Wednesday, September 19, 2007


I don't think anyone sits down to watch The Fast & The Furious 3: Tokyo Drift expecting to like it. Even people who liked the first two Fast & The Furiouses don't viscerally anticipate satisfaction. People who like racing might trick themselves into expecting joy but it's more out of obligation than anything else.

I don't expect to like third installments in franchises with loose definitions of continuity. I don't expect to know people who expect to like movies where product placement is a foregone and vivid conclusion.

So you can understand a certain amount of incredulity on my part upon discovery of my parents not only watching but LIKING The Fast & The Furious 3: Tokyo Drift.

Just after arriving at and flopping into a chair in my parents' living room in upstate New York, I asked them - avid cinephiles - if they'd seen anything good recently. As it turned out, they had seen something "good" that very night just before I arrived. In fact, it was "arresting" and "visually sublime" too.

"Have you seen The Fast & The Furious 3: Tokyo Drift?" my dad asked.
"Have I seen The Fast & The Furious 3: Tokyo Drift?" Had I heard right?
"It's good," my mom noted from her perch on the couch. "Yes, very good," added my dad.
I blinked. "The Fast & The Furious 3: Tokyo Drift?!?" I repeated.
"No," I definitively answered.
"Oh, you really should," one of them declared with confidence.
"Shut up," I replied, sensing a joke at my expense.
"I think it's on again in a few minutes." My dad started leafing through the listings for the multiple HBOs on their DirectTV. "HBO West. In 2 minutes."
"Did you know people race like that in Tokyo?" my mom asked, more confirming her knowledge of a racing subgenre I was not yet hip to. "Do you know what drifting is?"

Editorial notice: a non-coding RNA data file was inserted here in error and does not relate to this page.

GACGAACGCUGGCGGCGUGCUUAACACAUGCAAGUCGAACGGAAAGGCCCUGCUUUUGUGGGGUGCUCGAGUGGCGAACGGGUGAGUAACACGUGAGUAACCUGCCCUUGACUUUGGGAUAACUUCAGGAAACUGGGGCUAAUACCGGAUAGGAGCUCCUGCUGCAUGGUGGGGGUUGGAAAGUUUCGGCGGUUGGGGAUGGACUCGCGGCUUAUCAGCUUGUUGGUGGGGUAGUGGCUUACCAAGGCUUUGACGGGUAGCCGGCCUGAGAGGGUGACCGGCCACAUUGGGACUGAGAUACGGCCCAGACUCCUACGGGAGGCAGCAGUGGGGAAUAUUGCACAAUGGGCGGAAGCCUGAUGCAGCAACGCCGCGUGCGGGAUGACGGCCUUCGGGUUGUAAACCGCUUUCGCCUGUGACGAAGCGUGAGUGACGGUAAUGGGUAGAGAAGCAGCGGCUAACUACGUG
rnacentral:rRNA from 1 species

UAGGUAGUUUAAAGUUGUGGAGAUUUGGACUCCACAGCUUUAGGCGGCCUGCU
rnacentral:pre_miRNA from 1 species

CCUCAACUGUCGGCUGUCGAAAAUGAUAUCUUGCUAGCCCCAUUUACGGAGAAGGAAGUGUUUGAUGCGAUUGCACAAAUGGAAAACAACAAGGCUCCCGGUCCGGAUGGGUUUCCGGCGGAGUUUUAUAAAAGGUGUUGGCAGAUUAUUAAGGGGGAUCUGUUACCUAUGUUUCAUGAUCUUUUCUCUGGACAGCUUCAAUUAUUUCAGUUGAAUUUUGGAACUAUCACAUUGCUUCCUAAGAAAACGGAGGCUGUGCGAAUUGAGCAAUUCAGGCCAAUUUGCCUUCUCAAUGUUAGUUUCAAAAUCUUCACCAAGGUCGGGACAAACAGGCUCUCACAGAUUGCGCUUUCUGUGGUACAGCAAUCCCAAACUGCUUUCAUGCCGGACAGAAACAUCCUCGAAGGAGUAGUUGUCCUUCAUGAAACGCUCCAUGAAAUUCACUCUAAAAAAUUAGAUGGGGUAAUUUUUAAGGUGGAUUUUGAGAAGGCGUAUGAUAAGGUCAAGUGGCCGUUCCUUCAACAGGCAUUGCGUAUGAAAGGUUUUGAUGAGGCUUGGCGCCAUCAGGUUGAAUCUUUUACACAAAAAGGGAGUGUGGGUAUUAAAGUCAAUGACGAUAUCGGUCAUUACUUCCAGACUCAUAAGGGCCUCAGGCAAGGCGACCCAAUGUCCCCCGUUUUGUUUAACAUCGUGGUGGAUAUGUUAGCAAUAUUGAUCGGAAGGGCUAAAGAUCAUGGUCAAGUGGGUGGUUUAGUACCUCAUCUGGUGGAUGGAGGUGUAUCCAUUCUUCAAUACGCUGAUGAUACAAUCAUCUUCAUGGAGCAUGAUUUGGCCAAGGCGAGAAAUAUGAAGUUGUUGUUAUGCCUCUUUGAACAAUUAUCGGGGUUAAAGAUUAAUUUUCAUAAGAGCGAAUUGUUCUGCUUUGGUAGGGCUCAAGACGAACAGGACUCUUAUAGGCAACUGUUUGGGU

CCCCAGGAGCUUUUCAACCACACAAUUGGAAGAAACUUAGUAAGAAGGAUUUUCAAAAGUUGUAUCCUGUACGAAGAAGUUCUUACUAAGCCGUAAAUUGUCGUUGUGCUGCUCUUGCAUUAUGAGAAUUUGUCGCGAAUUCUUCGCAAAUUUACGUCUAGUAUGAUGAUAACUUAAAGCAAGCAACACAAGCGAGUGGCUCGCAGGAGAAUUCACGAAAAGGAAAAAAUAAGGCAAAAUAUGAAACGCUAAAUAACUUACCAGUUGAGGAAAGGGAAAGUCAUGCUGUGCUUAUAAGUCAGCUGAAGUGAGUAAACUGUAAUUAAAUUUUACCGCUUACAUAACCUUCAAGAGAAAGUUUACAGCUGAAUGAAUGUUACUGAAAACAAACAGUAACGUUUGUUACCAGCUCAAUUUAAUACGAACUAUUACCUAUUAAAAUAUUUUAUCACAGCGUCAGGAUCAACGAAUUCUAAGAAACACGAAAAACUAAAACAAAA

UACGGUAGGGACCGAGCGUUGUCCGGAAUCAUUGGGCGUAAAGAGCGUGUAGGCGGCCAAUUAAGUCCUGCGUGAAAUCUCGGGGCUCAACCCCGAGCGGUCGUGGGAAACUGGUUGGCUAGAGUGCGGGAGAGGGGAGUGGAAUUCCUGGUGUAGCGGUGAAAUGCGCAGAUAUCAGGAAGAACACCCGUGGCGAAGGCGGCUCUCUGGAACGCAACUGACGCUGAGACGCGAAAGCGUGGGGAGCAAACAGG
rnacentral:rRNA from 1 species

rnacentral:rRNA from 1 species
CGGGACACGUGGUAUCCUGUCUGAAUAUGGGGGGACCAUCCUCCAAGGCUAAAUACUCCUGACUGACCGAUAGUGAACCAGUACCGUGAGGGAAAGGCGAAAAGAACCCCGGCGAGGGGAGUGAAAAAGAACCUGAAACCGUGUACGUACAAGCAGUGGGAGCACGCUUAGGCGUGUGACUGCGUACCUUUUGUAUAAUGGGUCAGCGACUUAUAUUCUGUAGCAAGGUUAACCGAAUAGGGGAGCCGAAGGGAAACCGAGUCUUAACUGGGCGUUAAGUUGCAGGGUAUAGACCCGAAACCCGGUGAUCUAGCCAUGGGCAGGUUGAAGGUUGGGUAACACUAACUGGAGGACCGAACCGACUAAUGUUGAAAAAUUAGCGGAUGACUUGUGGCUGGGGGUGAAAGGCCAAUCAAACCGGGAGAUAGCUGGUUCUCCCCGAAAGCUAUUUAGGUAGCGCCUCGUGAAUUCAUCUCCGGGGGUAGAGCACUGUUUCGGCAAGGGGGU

In short, I watched all of The Fast & The Furious 3: Tokyo Drift (saying the full title at all times is expected) later that evening. Any doubts I had about my parents' feelings for The Fast & The Furious 3: Tokyo Drift evaporated after they rewatched its first act with me.

"See? Isn't this great? That's great. Look at that shot!" My dad could barely contain his excitement. "This storyline kind of has to go." But he's still a realist.

The story is fairly goofy.
The characters are poorly developed. Even Bow Wow FKA L'il Bow Wow.
It is completely worth watching. It mostly has to do with the visual quality of the racing scenes, the way Tokyo is photographed, the different manners of car fetishization and the way it's paced - moving the action along at a good, unpretentious clip.
It is fun to watch.

These days, I don't expect to like most movies that come out. I get worked up over a couple new releases that appear in my wheelhouse but cynically and inappropriately feel that my time is too valuable to waste on movies with a chance of being less than perfect. I think this is symptomatic of an overall less hopeful viewpoint I've been employing as a means to being lazy and not risking smirking contentment for the chance of seeing something that exceeds expectations.

When I was younger, I had the reputation of liking most movies, of at least having a hard time saying anything negative about a moviemaker. I don't want to give up my ability to be critical in a sophisticated and constructive manner but maybe it would be good for me to return to a more naive, forgiving vantage point. What my parents illustrated for me is the value in not being a slave to my expectations, in not assuming that presentation or context necessarily guarantees worthlessness. It is good to take a risk and it is good to be surprised.

My expectations for The Fast & The Furious 4: Ready! Set! Greenland! have yet to be determined.


Blogger Grizzly Dad said...

My Dad recently told me he and my Mom watched Wild Hogs, and something in me felt bad after I said "Why?". He said something about how William H. Macy is funny, but I wasn't really listening.

10:06 AM  

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